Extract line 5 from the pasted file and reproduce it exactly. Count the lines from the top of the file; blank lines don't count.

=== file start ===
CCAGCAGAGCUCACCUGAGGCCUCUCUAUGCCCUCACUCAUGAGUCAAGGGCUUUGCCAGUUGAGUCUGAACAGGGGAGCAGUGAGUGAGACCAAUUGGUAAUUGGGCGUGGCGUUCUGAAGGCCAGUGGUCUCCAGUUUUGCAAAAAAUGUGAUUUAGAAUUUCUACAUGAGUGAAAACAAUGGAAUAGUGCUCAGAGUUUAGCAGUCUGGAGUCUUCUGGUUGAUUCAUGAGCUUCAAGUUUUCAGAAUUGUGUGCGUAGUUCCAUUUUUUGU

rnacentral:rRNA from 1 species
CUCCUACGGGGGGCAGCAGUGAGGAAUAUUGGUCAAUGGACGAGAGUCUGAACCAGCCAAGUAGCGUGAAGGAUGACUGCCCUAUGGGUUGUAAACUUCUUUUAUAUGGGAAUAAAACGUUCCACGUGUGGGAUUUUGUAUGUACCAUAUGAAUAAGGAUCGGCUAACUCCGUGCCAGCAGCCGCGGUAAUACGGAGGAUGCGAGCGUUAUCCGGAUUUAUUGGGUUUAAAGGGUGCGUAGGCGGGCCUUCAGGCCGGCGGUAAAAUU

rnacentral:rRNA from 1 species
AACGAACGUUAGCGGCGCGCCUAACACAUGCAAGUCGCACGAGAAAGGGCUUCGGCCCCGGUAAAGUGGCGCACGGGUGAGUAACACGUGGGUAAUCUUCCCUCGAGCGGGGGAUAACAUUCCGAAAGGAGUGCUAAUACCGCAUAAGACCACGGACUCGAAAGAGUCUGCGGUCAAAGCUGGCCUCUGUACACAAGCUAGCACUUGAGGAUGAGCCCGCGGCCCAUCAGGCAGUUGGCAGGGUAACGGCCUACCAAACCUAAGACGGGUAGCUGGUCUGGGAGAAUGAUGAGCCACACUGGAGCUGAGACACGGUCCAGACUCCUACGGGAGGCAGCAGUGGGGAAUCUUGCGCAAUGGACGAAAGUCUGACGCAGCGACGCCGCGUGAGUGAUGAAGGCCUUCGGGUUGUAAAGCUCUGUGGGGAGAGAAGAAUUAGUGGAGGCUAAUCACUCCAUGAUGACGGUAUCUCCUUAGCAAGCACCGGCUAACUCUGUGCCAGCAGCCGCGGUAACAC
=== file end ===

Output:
AACGAACGUUAGCGGCGCGCCUAACACAUGCAAGUCGCACGAGAAAGGGCUUCGGCCCCGGUAAAGUGGCGCACGGGUGAGUAACACGUGGGUAAUCUUCCCUCGAGCGGGGGAUAACAUUCCGAAAGGAGUGCUAAUACCGCAUAAGACCACGGACUCGAAAGAGUCUGCGGUCAAAGCUGGCCUCUGUACACAAGCUAGCACUUGAGGAUGAGCCCGCGGCCCAUCAGGCAGUUGGCAGGGUAACGGCCUACCAAACCUAAGACGGGUAGCUGGUCUGGGAGAAUGAUGAGCCACACUGGAGCUGAGACACGGUCCAGACUCCUACGGGAGGCAGCAGUGGGGAAUCUUGCGCAAUGGACGAAAGUCUGACGCAGCGACGCCGCGUGAGUGAUGAAGGCCUUCGGGUUGUAAAGCUCUGUGGGGAGAGAAGAAUUAGUGGAGGCUAAUCACUCCAUGAUGACGGUAUCUCCUUAGCAAGCACCGGCUAACUCUGUGCCAGCAGCCGCGGUAACAC